David Has Been Found
||Garry K. Brantley, M.A., M.Div.
Last summer, archaeologists excavating at Tel Dan (biblical Dan) found a fragment of a stela (inscribed stone) in the remains of a city wall that scholars acclaim as “one of the most important discoveries in the annals of Biblical archaeology” (Wood, 1993, 6:121). The stone fragment seems to have been from a victory stela erected at Dan by a conquering Aramean (Syrian) army. When the Israelites eventually reclaimed the city, they destroyed the stela and used its fragments in various structures (Shanks, 1994, 20:39). Professor Avraham Biran, the archaeologist heading the excavation, has dated the stela to the first half of the ninth century B.C. (Shanks, 1994, 20:38).
Though only thirteen partial lines remain of this once-impressive monument, they contain an unparalleled literary jewel. Lines 8 and 9 explicitly mention the “king of Israel” and the “House of David,” which the conquering army defeated [The drawing on the left depicts the lower portion of the basalt stela from Tel Dan. The engraved inscription is written in paleo-Hebrew. The two highlighted areas are translated “king of Isreal” and “House of David,” respectively.] These statements are important for several reasons. First, this is the only extant, extrabiblical document that unquestionably mentions the name David (perhaps it also appears in the Mesha stela, better known as the Moabite stone; see Lemaire, 1994). Even more remarkable is the fact that his name appears in the familiar phrase “House of David.” Given the date of the stela, this serves to confirm the biblical usage of this designation (cf. 1 Kings 12:19, 14:8, Isaiah 7:2, et al.).
Second, though critical scholars have tended to minimize the importance of Israel and Judah during this historical period, the inscription supports the significance that the Bible attaches to these two kingdoms. Third, the tentative date of this discovery corresponds historically with 1 Kings 15:9-20 in which Ben-Hadad, King of Syria (Aram), attacked several Israelite cities including Dan. Some scholars argue that the stela is an exact parallel to this sacred account.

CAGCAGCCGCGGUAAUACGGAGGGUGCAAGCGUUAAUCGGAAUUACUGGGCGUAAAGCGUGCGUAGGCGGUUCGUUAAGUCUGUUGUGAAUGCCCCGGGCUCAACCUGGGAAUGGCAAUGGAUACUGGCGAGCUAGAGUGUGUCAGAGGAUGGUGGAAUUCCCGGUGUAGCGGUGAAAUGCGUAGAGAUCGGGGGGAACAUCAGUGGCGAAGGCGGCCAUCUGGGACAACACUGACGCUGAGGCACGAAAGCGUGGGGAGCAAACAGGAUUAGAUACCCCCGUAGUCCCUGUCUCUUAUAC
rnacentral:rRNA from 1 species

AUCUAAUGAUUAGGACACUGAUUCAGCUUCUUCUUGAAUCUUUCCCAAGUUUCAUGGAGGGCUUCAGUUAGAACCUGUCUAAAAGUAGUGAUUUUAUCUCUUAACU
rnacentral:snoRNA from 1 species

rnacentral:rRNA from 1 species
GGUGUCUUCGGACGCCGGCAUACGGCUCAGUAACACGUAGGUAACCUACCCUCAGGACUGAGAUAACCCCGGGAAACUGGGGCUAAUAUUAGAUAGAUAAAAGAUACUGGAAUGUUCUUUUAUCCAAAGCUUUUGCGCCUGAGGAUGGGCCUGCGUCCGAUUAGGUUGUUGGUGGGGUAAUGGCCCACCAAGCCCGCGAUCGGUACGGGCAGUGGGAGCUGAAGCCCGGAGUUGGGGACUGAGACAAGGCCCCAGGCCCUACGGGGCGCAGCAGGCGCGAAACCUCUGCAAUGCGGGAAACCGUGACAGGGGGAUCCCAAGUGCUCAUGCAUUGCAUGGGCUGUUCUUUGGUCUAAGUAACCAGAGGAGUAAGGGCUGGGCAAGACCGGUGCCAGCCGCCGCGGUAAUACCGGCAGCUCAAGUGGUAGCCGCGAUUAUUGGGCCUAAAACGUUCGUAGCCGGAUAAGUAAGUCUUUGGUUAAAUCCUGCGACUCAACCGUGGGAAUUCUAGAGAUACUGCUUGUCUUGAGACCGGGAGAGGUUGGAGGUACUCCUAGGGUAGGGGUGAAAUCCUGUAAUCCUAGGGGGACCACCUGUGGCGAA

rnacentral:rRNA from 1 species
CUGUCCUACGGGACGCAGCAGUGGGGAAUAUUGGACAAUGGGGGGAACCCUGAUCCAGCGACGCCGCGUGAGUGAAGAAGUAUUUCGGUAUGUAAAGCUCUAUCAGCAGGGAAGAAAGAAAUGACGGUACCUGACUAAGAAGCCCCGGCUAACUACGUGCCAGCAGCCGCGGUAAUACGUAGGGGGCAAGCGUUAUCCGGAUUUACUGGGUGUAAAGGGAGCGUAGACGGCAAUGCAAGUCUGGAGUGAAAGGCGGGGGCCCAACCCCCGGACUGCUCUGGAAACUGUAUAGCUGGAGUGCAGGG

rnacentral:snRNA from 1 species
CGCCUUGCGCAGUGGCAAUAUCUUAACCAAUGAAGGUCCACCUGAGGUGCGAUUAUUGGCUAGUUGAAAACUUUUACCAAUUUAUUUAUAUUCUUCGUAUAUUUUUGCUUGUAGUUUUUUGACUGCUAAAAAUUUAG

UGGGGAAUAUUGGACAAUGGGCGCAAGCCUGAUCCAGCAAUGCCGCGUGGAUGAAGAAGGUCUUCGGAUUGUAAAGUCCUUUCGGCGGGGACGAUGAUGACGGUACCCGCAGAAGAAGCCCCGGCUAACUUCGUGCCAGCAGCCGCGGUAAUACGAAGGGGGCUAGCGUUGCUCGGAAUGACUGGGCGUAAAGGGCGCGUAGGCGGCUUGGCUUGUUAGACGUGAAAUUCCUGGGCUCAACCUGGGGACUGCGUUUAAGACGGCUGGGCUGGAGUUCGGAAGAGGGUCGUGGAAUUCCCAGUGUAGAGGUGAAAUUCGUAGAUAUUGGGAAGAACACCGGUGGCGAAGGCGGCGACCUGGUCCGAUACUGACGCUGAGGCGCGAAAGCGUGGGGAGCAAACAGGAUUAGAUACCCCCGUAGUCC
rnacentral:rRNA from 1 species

However, there seem to be some differences between the details of 1 Kings 15:9-20 and the ancient stela fragment. Most conspicuously, the stela suggests (if accurately translated) that the Syrian army destroyed both Israel and Judah, but the biblical text indicates that Syria and Judah were allies against Israel. These discrepancies do not necessarily mean that either account is inaccurate. It may be that the stela refers to another battle not mentioned in the Bible, and it is very likely that there were several skirmishes involving Syria. But the stela does demonstrate that Syria (Aram) had military conflicts with Israel, lending corroborative testimony to the historical reliability of the biblical text.
No doubt, analysis of and debate over the stela will continue for some time. We can be certain, however, that the name “David” has been found in a ninth-century B.C. text other than the Bible. That incontrovertible fact is yet another ancient witness to biblical credibility.
Lemaire, Andre (1994), “ ‘House of David’ Restored in Moabite Inscription,” Biblical Archaeology Review, 20:30-37, May/June.
Shanks, Hershel (1994a), “ ‘David’ Found at Dan,” Biblical Archaeology Review, 20:26-39, March/April.
Shanks, Hershel (1994b), “New Inscription May Illuminate Biblical Events,” Biblical Archaeology Review, 20:38, March/April.
Wood, Bryant (1993), “New Inscription Mentions House of David,” Bible and Spade, 6:119-121, Autumn.